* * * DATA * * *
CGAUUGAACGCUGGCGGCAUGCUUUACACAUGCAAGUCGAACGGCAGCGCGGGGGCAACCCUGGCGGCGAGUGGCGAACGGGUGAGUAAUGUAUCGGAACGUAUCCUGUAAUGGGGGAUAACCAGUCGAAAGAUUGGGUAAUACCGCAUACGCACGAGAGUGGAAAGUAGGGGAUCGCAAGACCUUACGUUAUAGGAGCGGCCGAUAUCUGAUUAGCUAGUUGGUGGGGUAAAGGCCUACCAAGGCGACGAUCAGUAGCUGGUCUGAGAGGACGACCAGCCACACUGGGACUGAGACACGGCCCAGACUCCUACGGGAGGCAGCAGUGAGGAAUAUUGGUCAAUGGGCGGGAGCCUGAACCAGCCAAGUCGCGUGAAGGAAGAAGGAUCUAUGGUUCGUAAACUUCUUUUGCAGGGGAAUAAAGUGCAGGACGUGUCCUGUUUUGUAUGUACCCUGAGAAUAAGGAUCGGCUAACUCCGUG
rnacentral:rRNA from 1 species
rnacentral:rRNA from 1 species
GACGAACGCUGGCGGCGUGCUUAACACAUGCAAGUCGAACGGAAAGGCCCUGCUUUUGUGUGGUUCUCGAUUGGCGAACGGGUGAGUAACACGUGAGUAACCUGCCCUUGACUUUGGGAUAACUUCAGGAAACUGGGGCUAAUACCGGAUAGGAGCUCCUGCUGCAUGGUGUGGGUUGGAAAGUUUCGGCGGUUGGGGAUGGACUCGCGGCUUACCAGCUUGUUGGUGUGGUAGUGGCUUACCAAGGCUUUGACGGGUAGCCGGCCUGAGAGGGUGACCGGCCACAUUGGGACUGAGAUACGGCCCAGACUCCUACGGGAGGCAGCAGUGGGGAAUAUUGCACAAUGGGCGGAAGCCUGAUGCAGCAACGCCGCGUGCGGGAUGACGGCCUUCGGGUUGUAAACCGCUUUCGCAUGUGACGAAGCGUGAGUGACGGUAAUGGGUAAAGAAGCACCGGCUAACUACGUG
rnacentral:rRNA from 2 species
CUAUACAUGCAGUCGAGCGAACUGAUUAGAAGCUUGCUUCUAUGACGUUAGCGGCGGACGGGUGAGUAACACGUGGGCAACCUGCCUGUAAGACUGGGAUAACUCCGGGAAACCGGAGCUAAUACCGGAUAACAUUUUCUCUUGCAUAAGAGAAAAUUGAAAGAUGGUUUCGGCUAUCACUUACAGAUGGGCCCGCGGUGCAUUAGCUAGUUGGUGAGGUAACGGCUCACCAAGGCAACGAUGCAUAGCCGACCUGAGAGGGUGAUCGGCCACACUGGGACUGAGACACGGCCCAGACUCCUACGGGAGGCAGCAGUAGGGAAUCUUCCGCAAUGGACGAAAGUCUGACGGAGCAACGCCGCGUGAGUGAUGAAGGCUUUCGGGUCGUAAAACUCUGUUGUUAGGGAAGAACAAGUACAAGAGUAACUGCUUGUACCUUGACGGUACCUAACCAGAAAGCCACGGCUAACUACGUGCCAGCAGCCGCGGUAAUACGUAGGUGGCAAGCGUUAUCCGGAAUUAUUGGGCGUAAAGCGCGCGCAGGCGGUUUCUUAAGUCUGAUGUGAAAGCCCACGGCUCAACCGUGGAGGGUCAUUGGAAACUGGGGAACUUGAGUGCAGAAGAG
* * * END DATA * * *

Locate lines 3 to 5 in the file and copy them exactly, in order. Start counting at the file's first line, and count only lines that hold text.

rnacentral:rRNA from 1 species
GACGAACGCUGGCGGCGUGCUUAACACAUGCAAGUCGAACGGAAAGGCCCUGCUUUUGUGUGGUUCUCGAUUGGCGAACGGGUGAGUAACACGUGAGUAACCUGCCCUUGACUUUGGGAUAACUUCAGGAAACUGGGGCUAAUACCGGAUAGGAGCUCCUGCUGCAUGGUGUGGGUUGGAAAGUUUCGGCGGUUGGGGAUGGACUCGCGGCUUACCAGCUUGUUGGUGUGGUAGUGGCUUACCAAGGCUUUGACGGGUAGCCGGCCUGAGAGGGUGACCGGCCACAUUGGGACUGAGAUACGGCCCAGACUCCUACGGGAGGCAGCAGUGGGGAAUAUUGCACAAUGGGCGGAAGCCUGAUGCAGCAACGCCGCGUGCGGGAUGACGGCCUUCGGGUUGUAAACCGCUUUCGCAUGUGACGAAGCGUGAGUGACGGUAAUGGGUAAAGAAGCACCGGCUAACUACGUG
rnacentral:rRNA from 2 species